Received: by alpheratz.cpm.aca.mmu.ac.uk id OAA17498 (8.6.9/5.3[ref firstname.lastname@example.org] for cpm.aca.mmu.ac.uk from email@example.com); Tue, 16 Apr 2002 14:58:30 +0100 X-Originating-IP: [18.104.22.168] From: "Grant Callaghan" <firstname.lastname@example.org> To: email@example.com Subject: RE: Thoughts and Perceptions Date: Tue, 16 Apr 2002 06:52:24 -0700 Content-Type: text/plain; format=flowed Message-ID: <LAW2-F1208fmahtCBmT000074e6@hotmail.com> X-OriginalArrivalTime: 16 Apr 2002 13:52:25.0097 (UTC) FILETIME=[F05D3F90:01C1E54D] Sender: firstname.lastname@example.org Precedence: bulk Reply-To: email@example.com
>Date: Tue, 16 Apr 2002 08:37:51 +0100
> >> (the "gravity" meme, for example, would be shall we say difficult
> >> free
> >> oneself of)
> <Hmmm. Are physical qualities of the universe memes at all?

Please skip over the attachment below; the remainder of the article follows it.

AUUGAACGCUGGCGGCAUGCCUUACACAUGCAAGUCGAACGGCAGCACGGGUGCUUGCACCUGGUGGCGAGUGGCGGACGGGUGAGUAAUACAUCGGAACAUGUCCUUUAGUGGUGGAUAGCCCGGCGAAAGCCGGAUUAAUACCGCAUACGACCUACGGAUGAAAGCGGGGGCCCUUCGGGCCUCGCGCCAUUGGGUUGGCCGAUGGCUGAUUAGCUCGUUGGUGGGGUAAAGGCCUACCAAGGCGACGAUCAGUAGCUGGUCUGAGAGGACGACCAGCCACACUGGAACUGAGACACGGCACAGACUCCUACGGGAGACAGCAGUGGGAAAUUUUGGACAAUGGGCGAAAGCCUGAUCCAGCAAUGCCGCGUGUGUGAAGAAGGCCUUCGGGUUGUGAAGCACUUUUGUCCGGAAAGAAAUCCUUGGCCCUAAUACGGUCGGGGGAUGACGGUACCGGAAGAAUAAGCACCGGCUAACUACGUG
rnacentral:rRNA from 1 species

> > I don't think so.>
> I don't think so either, but some regard the idea/term 'gravity' as
>a meme (I was just humouring the mindmemers).
IMO the force we call gravity is not a meme but the concept of gravity is.
Especially when we use it to turn a water wheel or overcome it with the
curve of an air foil or calculate the trajectory of an artillery shell. It
becomes a meme when we can add it to the tools we use to change our
environment. The fact that we can use it, just as we use the sharpness of a
rock, is what makes it a meme. The meme is our concept of what gravity is
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